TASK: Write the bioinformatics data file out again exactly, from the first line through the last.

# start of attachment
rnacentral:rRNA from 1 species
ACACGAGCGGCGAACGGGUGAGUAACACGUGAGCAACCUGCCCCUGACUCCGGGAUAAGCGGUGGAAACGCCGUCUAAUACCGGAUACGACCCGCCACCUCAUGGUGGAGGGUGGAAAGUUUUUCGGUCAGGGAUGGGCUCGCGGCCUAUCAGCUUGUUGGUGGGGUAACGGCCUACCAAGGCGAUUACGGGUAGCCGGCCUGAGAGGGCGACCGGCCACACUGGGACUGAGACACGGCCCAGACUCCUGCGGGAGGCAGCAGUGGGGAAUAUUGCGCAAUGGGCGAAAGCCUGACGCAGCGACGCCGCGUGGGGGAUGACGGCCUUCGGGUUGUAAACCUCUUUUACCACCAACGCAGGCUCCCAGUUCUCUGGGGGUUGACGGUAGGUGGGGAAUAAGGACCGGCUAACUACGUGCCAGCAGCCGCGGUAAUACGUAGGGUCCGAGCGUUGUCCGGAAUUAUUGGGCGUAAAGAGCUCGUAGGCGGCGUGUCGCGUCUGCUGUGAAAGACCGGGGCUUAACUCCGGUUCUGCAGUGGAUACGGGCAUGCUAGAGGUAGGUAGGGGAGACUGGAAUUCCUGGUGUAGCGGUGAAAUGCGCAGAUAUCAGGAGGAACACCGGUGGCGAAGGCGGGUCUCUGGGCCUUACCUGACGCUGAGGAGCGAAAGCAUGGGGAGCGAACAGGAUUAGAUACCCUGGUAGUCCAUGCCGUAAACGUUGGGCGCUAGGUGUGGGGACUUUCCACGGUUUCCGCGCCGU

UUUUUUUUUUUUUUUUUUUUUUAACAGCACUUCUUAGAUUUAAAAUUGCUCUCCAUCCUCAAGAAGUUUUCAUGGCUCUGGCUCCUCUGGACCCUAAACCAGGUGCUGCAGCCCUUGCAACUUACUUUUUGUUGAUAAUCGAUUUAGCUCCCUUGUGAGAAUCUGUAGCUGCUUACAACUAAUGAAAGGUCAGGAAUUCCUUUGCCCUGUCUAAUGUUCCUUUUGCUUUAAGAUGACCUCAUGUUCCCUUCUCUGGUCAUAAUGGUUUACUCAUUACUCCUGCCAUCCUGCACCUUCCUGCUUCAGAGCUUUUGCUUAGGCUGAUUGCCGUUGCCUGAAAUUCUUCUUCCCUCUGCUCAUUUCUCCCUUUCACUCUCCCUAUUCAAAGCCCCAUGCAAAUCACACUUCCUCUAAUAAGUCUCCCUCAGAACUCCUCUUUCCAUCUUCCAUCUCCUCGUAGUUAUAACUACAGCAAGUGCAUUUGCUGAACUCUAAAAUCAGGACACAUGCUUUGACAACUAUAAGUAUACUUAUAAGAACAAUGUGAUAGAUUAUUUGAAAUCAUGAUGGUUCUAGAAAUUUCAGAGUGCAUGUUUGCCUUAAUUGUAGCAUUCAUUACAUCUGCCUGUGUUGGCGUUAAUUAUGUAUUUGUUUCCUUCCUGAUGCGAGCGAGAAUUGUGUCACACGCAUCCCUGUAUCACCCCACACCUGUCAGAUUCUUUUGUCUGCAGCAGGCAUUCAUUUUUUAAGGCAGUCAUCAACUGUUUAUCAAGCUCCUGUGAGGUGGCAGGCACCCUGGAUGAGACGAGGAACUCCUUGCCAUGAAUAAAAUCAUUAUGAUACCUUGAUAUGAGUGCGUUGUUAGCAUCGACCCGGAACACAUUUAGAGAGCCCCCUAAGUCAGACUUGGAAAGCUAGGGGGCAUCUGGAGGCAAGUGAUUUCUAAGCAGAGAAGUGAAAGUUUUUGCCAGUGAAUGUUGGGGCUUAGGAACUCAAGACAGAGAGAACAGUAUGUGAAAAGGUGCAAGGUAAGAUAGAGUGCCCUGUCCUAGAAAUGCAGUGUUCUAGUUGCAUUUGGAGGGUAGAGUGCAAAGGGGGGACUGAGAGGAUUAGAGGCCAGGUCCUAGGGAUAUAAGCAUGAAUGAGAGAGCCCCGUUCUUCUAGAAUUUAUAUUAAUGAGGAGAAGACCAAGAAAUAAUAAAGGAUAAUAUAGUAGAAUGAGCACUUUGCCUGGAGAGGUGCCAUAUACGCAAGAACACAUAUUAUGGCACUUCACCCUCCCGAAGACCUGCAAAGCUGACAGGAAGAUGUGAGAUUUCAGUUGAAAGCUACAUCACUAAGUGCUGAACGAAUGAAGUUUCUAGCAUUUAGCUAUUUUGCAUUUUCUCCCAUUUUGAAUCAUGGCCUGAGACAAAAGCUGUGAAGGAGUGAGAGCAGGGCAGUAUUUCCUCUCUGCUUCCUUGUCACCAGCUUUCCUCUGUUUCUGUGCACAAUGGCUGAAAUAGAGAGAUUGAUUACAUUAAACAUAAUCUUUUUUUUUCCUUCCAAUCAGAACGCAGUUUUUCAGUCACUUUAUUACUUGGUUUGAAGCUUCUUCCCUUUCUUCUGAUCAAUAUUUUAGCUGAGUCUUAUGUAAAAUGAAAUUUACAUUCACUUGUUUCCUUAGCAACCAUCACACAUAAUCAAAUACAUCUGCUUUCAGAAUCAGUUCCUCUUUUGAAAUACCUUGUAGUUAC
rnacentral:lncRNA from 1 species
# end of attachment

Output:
rnacentral:rRNA from 1 species
ACACGAGCGGCGAACGGGUGAGUAACACGUGAGCAACCUGCCCCUGACUCCGGGAUAAGCGGUGGAAACGCCGUCUAAUACCGGAUACGACCCGCCACCUCAUGGUGGAGGGUGGAAAGUUUUUCGGUCAGGGAUGGGCUCGCGGCCUAUCAGCUUGUUGGUGGGGUAACGGCCUACCAAGGCGAUUACGGGUAGCCGGCCUGAGAGGGCGACCGGCCACACUGGGACUGAGACACGGCCCAGACUCCUGCGGGAGGCAGCAGUGGGGAAUAUUGCGCAAUGGGCGAAAGCCUGACGCAGCGACGCCGCGUGGGGGAUGACGGCCUUCGGGUUGUAAACCUCUUUUACCACCAACGCAGGCUCCCAGUUCUCUGGGGGUUGACGGUAGGUGGGGAAUAAGGACCGGCUAACUACGUGCCAGCAGCCGCGGUAAUACGUAGGGUCCGAGCGUUGUCCGGAAUUAUUGGGCGUAAAGAGCUCGUAGGCGGCGUGUCGCGUCUGCUGUGAAAGACCGGGGCUUAACUCCGGUUCUGCAGUGGAUACGGGCAUGCUAGAGGUAGGUAGGGGAGACUGGAAUUCCUGGUGUAGCGGUGAAAUGCGCAGAUAUCAGGAGGAACACCGGUGGCGAAGGCGGGUCUCUGGGCCUUACCUGACGCUGAGGAGCGAAAGCAUGGGGAGCGAACAGGAUUAGAUACCCUGGUAGUCCAUGCCGUAAACGUUGGGCGCUAGGUGUGGGGACUUUCCACGGUUUCCGCGCCGU

UUUUUUUUUUUUUUUUUUUUUUAACAGCACUUCUUAGAUUUAAAAUUGCUCUCCAUCCUCAAGAAGUUUUCAUGGCUCUGGCUCCUCUGGACCCUAAACCAGGUGCUGCAGCCCUUGCAACUUACUUUUUGUUGAUAAUCGAUUUAGCUCCCUUGUGAGAAUCUGUAGCUGCUUACAACUAAUGAAAGGUCAGGAAUUCCUUUGCCCUGUCUAAUGUUCCUUUUGCUUUAAGAUGACCUCAUGUUCCCUUCUCUGGUCAUAAUGGUUUACUCAUUACUCCUGCCAUCCUGCACCUUCCUGCUUCAGAGCUUUUGCUUAGGCUGAUUGCCGUUGCCUGAAAUUCUUCUUCCCUCUGCUCAUUUCUCCCUUUCACUCUCCCUAUUCAAAGCCCCAUGCAAAUCACACUUCCUCUAAUAAGUCUCCCUCAGAACUCCUCUUUCCAUCUUCCAUCUCCUCGUAGUUAUAACUACAGCAAGUGCAUUUGCUGAACUCUAAAAUCAGGACACAUGCUUUGACAACUAUAAGUAUACUUAUAAGAACAAUGUGAUAGAUUAUUUGAAAUCAUGAUGGUUCUAGAAAUUUCAGAGUGCAUGUUUGCCUUAAUUGUAGCAUUCAUUACAUCUGCCUGUGUUGGCGUUAAUUAUGUAUUUGUUUCCUUCCUGAUGCGAGCGAGAAUUGUGUCACACGCAUCCCUGUAUCACCCCACACCUGUCAGAUUCUUUUGUCUGCAGCAGGCAUUCAUUUUUUAAGGCAGUCAUCAACUGUUUAUCAAGCUCCUGUGAGGUGGCAGGCACCCUGGAUGAGACGAGGAACUCCUUGCCAUGAAUAAAAUCAUUAUGAUACCUUGAUAUGAGUGCGUUGUUAGCAUCGACCCGGAACACAUUUAGAGAGCCCCCUAAGUCAGACUUGGAAAGCUAGGGGGCAUCUGGAGGCAAGUGAUUUCUAAGCAGAGAAGUGAAAGUUUUUGCCAGUGAAUGUUGGGGCUUAGGAACUCAAGACAGAGAGAACAGUAUGUGAAAAGGUGCAAGGUAAGAUAGAGUGCCCUGUCCUAGAAAUGCAGUGUUCUAGUUGCAUUUGGAGGGUAGAGUGCAAAGGGGGGACUGAGAGGAUUAGAGGCCAGGUCCUAGGGAUAUAAGCAUGAAUGAGAGAGCCCCGUUCUUCUAGAAUUUAUAUUAAUGAGGAGAAGACCAAGAAAUAAUAAAGGAUAAUAUAGUAGAAUGAGCACUUUGCCUGGAGAGGUGCCAUAUACGCAAGAACACAUAUUAUGGCACUUCACCCUCCCGAAGACCUGCAAAGCUGACAGGAAGAUGUGAGAUUUCAGUUGAAAGCUACAUCACUAAGUGCUGAACGAAUGAAGUUUCUAGCAUUUAGCUAUUUUGCAUUUUCUCCCAUUUUGAAUCAUGGCCUGAGACAAAAGCUGUGAAGGAGUGAGAGCAGGGCAGUAUUUCCUCUCUGCUUCCUUGUCACCAGCUUUCCUCUGUUUCUGUGCACAAUGGCUGAAAUAGAGAGAUUGAUUACAUUAAACAUAAUCUUUUUUUUUCCUUCCAAUCAGAACGCAGUUUUUCAGUCACUUUAUUACUUGGUUUGAAGCUUCUUCCCUUUCUUCUGAUCAAUAUUUUAGCUGAGUCUUAUGUAAAAUGAAAUUUACAUUCACUUGUUUCCUUAGCAACCAUCACACAUAAUCAAAUACAUCUGCUUUCAGAAUCAGUUCCUCUUUUGAAAUACCUUGUAGUUAC
rnacentral:lncRNA from 1 species